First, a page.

• Acceptable, if relevant to the duties of the state official

Reimbursement for expenses related to a covered person’s participation in an educational forum, seminar, conference, panel presentation

  • Acceptable, but here are the rules:
    • Event must have a formal agenda, distributed at least 10 days in advance
    • Event must be educational and participation related primarily to the public duties of the state official
    • At least 10 people not related to the state official must attend
    • Entertainment is acceptable, if incidental to the event
    • Only “reasonable actual expenditures” may be reimbursed (food, beverages, registration, travel, lodging, and incidental items of nominal value)
    • Duke (the institution) must pay the expenses
    • An honorarium is not acceptable

Special services for a covered person who seeks medical care at Duke

  • No special services that have any monetary value, such as complementary valet parking, flowers, or gifts of any kind, are acceptable

What is considered a “public event”?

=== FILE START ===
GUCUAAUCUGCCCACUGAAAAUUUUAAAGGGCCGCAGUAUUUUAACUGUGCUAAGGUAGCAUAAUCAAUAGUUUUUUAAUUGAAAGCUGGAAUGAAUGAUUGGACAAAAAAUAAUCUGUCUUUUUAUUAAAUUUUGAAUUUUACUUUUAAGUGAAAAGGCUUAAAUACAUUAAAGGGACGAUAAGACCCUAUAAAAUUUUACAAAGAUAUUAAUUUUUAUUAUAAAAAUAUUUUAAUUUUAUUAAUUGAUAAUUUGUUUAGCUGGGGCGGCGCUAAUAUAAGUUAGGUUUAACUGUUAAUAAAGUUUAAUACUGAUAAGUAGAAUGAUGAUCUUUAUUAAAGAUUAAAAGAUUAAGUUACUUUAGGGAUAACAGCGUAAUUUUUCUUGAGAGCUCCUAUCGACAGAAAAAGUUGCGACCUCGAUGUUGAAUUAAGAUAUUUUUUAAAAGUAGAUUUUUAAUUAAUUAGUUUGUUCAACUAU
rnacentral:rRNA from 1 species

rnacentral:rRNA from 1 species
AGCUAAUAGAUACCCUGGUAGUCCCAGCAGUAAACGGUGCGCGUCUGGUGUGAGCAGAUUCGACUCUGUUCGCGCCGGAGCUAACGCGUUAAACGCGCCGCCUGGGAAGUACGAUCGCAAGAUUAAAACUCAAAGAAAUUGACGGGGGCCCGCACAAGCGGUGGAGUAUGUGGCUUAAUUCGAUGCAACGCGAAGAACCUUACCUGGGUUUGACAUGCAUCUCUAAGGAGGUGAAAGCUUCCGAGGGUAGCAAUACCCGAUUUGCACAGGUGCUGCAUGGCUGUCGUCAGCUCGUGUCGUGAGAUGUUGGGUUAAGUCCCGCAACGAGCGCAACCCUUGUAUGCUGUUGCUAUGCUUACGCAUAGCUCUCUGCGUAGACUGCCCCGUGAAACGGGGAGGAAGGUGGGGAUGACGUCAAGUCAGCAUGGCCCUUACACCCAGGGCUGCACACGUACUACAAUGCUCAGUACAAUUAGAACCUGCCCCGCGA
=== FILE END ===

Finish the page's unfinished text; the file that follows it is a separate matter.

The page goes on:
The new law provides two definitions for a public event, one for “legislators and legislative employees,” and one for “public servants.”  In order for the state official to accept your invitation, your event, activity or meeting must meet the requirements for a public event as defined below.  In extending your invitation, you might want to include a statement such as:

“This event is in compliance with our understanding of the requirements and restrictions of N.C.G.S. 138A-32(e).”

In all cases,

  • The event/meeting must have a formal agenda and
  • The invitation, including the agenda, must be sent at least 10 days in advance

1. For Legislators and Legislative Employees, a public event must be:

Open to the general public
All legislators or legislative employees are invited
OR
Not open to the general public
The entire membership of a constituent group (e.g., all members of the House, the Senate, a committee, a county delegation, etc.) are invited